On the second route, Saudi Arabia and the Houthis are expected to participate in talks to stop cross-border attacks. The U.S. is best-placed- of the best-of-the-war-to-encourage Saudi Arabia to reestablish meaningful communication with the Huthis in pursuit of such a such a such agreement. In the midst of this disturbing image, there is good news. In June 2019, the United Arab Emirates (UAE) redrew the bulk of its forces that led the assault on Hodeida and continued to support anti-Huthi Yemeni fighters along the Red Sea coast, easing the threat of a return to major fighting. But this development should not flood policy makers with a false sense of security. The fighting from the front has spread to other parts of the country. Anti-Huthi forces still see Hodeida as a target and may yet resume anhostilities, with devastating consequences. The humanitarian crisis in Yemen, which the UN considers to be the largest in the world, has not deteriorated much since December 2018, but it has not improved. A renewed battle for Hodeida would almost certainly tip the country into widespread famine. Moreover, continued efforts to revive the faltering Hodeida agreement are consuming all available diplomatic bandwidth at great cost, preventing a turn to national-level peace talks. The government`s interpretation of the agreement plays a good role among advocates who view the rebels as deceptive and capable operators, who use negotiations and agreements to reposition themselves before aspiring to further military gains.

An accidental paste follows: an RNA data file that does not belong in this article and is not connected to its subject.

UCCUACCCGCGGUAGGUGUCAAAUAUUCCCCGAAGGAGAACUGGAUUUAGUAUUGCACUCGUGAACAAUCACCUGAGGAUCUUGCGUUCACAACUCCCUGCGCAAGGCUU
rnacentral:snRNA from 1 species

[fn] The group cites as an example the 2014 Peace and National Partnership Agreement (EPA), which called for a gradual withdrawal of Houthi troops from Sanaa in exchange for a series of political concessions, including the formation of a new government. After the signing of the agreement, the Houthis ignored the exit requirement and argued that the men at checkpoints in the streets were not their fighters, but supportive citizens from autonomous “people`s committees.” The Houthis propose a different version that suggests the slow pace of government formation, Hadi`s broken promise on shura reform (Advisory Council) and his attempt to pass a draft constitution based on a six-party federal division that the Houthis had rejected. In January 2015, the rebels placed Hadi under house arrest as their coup plunged an already divided country into a civil war. Crisis Group Middle East Report No.167, Yemen: Is Peace Possible?, 9 February 2016.Hide Footnote But it puts Hadi in the position of advocating for an outcome far from what the two sides agreed to in Sweden. [fn] While some government officials fear that the hawks will go too far, they also see the Stockholm agreement as a political responsibility for Hadi, whose legitimacy is fragile at best in Yemen. Hadi has regained support with his pushback against Griffiths.